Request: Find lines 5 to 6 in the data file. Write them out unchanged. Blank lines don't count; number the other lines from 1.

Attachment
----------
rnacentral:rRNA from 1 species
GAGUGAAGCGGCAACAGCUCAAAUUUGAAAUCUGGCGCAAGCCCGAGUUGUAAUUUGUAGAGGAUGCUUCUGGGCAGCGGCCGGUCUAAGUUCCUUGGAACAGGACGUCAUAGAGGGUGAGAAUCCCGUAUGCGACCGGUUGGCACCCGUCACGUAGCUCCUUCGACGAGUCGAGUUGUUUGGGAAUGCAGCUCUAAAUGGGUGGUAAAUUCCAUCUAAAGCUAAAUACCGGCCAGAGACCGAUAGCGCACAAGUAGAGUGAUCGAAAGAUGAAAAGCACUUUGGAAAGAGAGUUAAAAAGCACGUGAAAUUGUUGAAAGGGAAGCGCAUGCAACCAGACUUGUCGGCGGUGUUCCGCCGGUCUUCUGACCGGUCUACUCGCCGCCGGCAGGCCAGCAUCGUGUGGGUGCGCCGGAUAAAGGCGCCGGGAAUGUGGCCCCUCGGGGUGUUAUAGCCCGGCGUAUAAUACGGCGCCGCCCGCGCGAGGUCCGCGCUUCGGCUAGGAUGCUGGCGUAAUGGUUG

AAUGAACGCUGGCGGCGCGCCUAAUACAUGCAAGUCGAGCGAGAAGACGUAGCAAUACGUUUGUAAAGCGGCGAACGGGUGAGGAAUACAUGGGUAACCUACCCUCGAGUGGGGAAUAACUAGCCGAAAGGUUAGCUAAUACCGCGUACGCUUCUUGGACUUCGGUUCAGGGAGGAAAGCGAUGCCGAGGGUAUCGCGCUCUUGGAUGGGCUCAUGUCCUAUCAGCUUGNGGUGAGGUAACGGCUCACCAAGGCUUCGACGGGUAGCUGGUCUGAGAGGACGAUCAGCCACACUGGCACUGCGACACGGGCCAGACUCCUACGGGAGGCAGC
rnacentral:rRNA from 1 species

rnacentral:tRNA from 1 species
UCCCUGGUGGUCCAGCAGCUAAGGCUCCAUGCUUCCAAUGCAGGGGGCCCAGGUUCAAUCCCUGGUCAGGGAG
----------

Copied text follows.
rnacentral:tRNA from 1 species
UCCCUGGUGGUCCAGCAGCUAAGGCUCCAUGCUUCCAAUGCAGGGGGCCCAGGUUCAAUCCCUGGUCAGGGAG